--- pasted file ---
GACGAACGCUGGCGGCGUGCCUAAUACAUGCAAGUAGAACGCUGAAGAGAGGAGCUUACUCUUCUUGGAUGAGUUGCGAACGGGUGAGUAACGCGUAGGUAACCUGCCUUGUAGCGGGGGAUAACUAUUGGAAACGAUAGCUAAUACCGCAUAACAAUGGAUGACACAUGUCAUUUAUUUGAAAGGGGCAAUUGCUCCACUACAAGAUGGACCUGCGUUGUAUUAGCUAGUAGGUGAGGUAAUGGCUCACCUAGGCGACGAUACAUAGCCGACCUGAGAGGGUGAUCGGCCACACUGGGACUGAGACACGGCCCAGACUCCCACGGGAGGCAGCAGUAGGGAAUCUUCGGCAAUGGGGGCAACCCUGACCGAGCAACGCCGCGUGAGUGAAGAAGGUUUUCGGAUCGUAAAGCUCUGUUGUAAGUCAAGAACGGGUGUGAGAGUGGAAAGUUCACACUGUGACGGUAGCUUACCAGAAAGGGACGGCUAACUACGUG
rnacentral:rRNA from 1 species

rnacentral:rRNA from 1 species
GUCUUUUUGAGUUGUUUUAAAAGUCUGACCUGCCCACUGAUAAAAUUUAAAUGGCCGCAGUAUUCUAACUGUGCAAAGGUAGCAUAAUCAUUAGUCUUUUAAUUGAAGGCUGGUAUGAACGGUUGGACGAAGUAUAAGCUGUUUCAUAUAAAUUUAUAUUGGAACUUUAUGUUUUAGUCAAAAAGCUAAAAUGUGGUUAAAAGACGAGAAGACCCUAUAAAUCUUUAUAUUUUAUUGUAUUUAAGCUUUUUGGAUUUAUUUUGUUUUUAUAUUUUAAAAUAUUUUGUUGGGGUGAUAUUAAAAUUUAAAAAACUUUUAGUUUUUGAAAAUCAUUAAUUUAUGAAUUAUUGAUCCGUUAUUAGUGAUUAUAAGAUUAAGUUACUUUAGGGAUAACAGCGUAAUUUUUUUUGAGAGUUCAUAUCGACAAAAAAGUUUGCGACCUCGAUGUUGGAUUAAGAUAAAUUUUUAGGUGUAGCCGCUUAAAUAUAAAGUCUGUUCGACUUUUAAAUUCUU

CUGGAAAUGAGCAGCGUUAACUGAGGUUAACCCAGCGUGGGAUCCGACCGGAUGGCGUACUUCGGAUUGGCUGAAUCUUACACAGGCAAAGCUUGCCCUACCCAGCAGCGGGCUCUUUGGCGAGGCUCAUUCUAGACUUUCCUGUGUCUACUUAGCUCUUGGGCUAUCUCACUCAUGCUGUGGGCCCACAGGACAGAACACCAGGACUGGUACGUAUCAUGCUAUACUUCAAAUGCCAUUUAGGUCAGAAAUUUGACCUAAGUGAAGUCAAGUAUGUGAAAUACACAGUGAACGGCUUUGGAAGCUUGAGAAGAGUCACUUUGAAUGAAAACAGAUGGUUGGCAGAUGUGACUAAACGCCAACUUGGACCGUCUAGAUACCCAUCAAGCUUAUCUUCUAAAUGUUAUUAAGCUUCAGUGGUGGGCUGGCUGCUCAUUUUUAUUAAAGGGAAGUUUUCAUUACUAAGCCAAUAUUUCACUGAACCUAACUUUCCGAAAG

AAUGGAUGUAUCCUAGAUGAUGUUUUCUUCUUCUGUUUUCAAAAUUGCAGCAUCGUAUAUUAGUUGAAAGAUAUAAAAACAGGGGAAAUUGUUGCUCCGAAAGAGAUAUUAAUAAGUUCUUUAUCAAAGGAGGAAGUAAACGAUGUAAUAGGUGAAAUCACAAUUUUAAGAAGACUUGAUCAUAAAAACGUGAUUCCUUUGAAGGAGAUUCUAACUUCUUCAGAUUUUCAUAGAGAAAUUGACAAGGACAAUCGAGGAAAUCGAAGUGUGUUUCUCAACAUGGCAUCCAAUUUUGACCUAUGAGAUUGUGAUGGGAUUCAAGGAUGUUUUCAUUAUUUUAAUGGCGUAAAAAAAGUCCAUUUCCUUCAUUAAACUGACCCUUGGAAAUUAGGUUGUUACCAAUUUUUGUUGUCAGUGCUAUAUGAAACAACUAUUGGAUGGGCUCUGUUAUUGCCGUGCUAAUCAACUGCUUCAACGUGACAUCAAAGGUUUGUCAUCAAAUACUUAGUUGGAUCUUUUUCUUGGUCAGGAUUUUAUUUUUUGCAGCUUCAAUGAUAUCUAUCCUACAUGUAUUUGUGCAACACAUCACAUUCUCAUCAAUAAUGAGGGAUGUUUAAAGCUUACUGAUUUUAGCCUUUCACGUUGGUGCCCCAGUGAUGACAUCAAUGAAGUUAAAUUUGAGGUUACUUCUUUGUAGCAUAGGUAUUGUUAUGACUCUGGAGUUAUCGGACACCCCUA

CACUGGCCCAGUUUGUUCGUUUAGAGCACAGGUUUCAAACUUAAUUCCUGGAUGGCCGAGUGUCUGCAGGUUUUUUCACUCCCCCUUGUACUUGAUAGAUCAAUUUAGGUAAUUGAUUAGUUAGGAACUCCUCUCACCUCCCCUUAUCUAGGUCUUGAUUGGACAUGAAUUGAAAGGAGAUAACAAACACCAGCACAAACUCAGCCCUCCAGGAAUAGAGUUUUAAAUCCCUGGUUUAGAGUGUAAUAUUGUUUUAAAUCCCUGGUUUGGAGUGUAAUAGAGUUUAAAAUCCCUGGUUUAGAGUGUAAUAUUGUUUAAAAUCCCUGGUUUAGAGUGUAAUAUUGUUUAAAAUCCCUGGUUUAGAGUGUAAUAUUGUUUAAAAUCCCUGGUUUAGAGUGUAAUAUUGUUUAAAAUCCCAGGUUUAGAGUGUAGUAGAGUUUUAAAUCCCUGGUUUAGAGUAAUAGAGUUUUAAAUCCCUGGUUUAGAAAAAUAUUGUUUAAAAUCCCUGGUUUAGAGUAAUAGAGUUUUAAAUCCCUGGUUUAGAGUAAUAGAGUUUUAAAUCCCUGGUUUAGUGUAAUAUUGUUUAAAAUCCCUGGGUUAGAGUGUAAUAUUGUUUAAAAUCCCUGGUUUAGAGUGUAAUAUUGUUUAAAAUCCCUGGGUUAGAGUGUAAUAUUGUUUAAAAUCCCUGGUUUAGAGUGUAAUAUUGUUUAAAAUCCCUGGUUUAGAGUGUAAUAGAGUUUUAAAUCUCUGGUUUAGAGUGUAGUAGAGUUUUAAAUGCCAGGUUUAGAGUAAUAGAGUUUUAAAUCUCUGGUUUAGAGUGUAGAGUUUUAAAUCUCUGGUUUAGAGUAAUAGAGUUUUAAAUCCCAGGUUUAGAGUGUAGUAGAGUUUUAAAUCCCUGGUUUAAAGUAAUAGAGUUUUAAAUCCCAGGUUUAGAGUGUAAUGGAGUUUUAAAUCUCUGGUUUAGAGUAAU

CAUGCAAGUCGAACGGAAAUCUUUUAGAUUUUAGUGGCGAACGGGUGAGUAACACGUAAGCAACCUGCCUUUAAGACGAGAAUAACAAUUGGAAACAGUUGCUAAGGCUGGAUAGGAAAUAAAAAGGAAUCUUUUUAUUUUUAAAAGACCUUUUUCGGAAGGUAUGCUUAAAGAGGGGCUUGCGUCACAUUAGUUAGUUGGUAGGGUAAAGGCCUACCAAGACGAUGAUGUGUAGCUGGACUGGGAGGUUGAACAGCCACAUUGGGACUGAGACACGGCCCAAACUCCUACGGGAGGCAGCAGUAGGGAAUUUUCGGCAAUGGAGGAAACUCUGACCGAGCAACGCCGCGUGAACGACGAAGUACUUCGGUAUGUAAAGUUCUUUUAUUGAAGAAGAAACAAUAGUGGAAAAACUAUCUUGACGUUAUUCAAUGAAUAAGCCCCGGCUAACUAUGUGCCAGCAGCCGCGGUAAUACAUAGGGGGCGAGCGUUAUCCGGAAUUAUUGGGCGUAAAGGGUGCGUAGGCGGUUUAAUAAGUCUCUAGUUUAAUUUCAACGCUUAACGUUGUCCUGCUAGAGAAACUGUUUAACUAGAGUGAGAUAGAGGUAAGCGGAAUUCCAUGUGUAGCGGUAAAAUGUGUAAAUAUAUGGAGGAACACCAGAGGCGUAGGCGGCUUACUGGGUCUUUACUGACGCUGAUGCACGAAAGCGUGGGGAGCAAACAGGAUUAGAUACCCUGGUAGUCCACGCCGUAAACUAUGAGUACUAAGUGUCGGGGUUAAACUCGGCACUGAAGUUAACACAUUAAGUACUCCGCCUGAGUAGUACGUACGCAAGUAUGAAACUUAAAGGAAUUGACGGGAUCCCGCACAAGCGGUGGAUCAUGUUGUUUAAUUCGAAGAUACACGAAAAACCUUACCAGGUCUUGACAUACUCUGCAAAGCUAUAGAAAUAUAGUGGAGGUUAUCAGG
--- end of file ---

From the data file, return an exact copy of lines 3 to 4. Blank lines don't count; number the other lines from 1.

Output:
rnacentral:rRNA from 1 species
GUCUUUUUGAGUUGUUUUAAAAGUCUGACCUGCCCACUGAUAAAAUUUAAAUGGCCGCAGUAUUCUAACUGUGCAAAGGUAGCAUAAUCAUUAGUCUUUUAAUUGAAGGCUGGUAUGAACGGUUGGACGAAGUAUAAGCUGUUUCAUAUAAAUUUAUAUUGGAACUUUAUGUUUUAGUCAAAAAGCUAAAAUGUGGUUAAAAGACGAGAAGACCCUAUAAAUCUUUAUAUUUUAUUGUAUUUAAGCUUUUUGGAUUUAUUUUGUUUUUAUAUUUUAAAAUAUUUUGUUGGGGUGAUAUUAAAAUUUAAAAAACUUUUAGUUUUUGAAAAUCAUUAAUUUAUGAAUUAUUGAUCCGUUAUUAGUGAUUAUAAGAUUAAGUUACUUUAGGGAUAACAGCGUAAUUUUUUUUGAGAGUUCAUAUCGACAAAAAAGUUUGCGACCUCGAUGUUGGAUUAAGAUAAAUUUUUAGGUGUAGCCGCUUAAAUAUAAAGUCUGUUCGACUUUUAAAUUCUU